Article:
Prevalent in many parts of North Carolina, Lyme disease is a bacterial infection spread by the bite of a tick and can result in serious complications. Antibiotics are typically effective against Lyme disease, and early intervention increases the chances of full recovery. Unfortunately, doctors may initially misdiagnose Lyme disease, potentially delaying treatment.
According to the Mayo Clinic, the early symptoms of Lyme disease can mimic viral infections, such as influenza or mononucleosis. These include body aches, headache, fatigue, fever and chills. One of the clearest signs of Lyme disease infection is a rash at the sight of the initial tick bite. This often has the appearance of a bull’s-eye, with a light-colored area in the middle surrounded by a ring of redness. However, the rash is not always present. When there is no rash, it can be easier to mistake Lyme disease for another condition.
Furthermore, Lyme disease is not the only illness that is transmissible by the bite of a tick. If you experience symptoms after a tick bite, your doctor may need to perform lab tests to either rule out or confirm Lyme disease infection.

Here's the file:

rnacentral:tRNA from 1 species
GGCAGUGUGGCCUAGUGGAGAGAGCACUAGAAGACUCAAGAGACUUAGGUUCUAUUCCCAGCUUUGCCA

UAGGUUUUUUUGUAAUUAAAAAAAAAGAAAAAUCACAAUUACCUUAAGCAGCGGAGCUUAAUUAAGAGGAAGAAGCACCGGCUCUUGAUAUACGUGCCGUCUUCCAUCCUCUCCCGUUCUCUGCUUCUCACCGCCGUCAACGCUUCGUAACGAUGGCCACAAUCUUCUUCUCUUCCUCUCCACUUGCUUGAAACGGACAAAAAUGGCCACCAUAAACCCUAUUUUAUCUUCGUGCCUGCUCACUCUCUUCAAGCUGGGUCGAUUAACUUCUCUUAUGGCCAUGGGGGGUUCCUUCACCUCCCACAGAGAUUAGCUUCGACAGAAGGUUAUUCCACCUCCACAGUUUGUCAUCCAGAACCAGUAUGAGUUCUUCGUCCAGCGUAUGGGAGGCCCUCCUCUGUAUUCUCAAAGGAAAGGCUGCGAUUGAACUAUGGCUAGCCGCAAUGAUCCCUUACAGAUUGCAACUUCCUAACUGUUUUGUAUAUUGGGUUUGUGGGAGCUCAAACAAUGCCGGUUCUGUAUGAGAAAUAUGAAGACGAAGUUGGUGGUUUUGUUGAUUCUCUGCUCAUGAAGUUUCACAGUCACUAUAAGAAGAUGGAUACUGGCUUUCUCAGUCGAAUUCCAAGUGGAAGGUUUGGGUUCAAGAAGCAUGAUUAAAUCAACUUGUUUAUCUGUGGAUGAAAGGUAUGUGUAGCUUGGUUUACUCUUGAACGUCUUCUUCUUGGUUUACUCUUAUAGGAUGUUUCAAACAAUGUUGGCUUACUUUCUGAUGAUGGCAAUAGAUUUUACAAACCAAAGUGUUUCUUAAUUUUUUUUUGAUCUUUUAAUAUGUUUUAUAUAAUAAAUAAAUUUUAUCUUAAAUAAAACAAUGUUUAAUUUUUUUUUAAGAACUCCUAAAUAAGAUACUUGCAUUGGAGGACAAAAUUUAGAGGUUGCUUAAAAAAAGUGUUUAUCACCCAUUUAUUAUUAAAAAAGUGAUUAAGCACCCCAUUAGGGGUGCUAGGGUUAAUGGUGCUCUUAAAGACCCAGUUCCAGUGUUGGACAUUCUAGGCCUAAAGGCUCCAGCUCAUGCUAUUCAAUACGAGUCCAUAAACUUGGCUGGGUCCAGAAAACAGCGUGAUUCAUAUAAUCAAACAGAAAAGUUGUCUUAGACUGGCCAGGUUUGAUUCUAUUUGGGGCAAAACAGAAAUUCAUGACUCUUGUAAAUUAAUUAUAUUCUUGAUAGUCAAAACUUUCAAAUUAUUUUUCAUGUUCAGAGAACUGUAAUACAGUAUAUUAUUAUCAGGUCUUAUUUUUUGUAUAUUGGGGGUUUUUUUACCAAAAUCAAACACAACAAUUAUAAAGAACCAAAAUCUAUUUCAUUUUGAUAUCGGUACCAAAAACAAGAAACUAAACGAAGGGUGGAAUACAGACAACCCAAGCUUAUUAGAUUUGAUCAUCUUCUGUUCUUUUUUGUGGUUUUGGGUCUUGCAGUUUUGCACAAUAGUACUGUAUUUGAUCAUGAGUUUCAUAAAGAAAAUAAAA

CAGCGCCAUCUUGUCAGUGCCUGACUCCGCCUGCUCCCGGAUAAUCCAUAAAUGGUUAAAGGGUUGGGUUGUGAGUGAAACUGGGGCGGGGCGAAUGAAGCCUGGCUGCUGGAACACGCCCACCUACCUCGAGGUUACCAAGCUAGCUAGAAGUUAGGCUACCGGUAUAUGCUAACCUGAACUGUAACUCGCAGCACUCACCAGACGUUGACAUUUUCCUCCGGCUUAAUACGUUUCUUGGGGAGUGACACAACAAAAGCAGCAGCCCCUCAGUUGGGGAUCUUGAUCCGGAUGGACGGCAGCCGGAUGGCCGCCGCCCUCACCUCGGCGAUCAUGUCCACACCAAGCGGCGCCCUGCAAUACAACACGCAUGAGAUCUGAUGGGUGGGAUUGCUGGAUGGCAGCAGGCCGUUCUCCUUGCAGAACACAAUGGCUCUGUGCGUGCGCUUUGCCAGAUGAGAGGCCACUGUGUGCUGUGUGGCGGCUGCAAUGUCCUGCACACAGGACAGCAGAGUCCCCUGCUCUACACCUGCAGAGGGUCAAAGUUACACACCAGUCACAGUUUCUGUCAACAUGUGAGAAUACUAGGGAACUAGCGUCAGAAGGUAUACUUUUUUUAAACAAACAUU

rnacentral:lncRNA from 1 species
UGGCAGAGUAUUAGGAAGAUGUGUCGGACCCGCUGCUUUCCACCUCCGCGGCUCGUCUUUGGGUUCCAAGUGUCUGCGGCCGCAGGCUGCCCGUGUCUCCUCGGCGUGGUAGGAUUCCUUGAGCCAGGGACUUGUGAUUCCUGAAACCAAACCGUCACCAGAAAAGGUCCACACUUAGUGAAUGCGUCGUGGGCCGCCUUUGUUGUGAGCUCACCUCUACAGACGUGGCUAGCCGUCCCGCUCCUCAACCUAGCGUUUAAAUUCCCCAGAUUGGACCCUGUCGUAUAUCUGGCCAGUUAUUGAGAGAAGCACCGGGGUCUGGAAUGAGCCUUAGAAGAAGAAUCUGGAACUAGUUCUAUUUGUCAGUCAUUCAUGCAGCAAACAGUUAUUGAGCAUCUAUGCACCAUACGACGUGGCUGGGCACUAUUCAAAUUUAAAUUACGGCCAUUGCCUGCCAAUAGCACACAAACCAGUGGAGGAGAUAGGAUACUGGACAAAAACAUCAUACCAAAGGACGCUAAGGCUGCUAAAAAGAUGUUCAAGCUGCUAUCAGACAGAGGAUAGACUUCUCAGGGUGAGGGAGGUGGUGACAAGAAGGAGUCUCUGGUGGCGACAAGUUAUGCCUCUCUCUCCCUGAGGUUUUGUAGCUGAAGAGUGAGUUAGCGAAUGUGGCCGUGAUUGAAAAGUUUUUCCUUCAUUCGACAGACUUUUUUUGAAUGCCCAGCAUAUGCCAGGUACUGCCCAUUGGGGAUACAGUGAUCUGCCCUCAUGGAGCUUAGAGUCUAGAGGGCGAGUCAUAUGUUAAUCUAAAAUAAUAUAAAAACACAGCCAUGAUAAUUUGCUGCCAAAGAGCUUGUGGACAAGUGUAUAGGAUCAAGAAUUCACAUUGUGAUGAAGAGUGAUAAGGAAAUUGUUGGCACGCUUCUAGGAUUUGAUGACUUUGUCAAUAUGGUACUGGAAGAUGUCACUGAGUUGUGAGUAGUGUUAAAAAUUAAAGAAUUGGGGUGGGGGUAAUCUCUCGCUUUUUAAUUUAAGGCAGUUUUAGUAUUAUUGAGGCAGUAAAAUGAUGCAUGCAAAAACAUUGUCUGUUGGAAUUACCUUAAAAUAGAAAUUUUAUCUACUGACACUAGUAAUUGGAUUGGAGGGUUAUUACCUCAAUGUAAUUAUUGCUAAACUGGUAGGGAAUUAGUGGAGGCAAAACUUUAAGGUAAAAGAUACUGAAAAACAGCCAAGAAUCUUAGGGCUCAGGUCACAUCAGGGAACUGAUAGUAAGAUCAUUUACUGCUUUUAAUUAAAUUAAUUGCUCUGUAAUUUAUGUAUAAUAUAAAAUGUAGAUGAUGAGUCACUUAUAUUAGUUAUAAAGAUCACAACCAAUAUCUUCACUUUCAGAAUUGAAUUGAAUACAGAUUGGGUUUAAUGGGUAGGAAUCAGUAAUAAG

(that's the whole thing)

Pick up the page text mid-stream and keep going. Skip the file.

Lyme disease can result in more serious symptoms if left untreated. These include neurological effects, including the following:
- Impaired muscle movement
- Limb numbness or weakness
- Temporary paralysis
Additionally, you may experience severe pain and swelling of the knees or other joints. If you have a rash at the site of the initial tick bite, it can grow bigger or spread to other areas of your body. These symptoms can develop weeks or months after infection.
You can prevent Lyme disease by promptly removing any ticks that you find on your body. If the tick has had contact with you for less than 36 to 48 hours, infection is unlikely. It is usually not necessary to see a doctor for a tick bite unless you develop symptoms thereafter.
The information in this article is not intended as legal advice but provided for educational purposes only.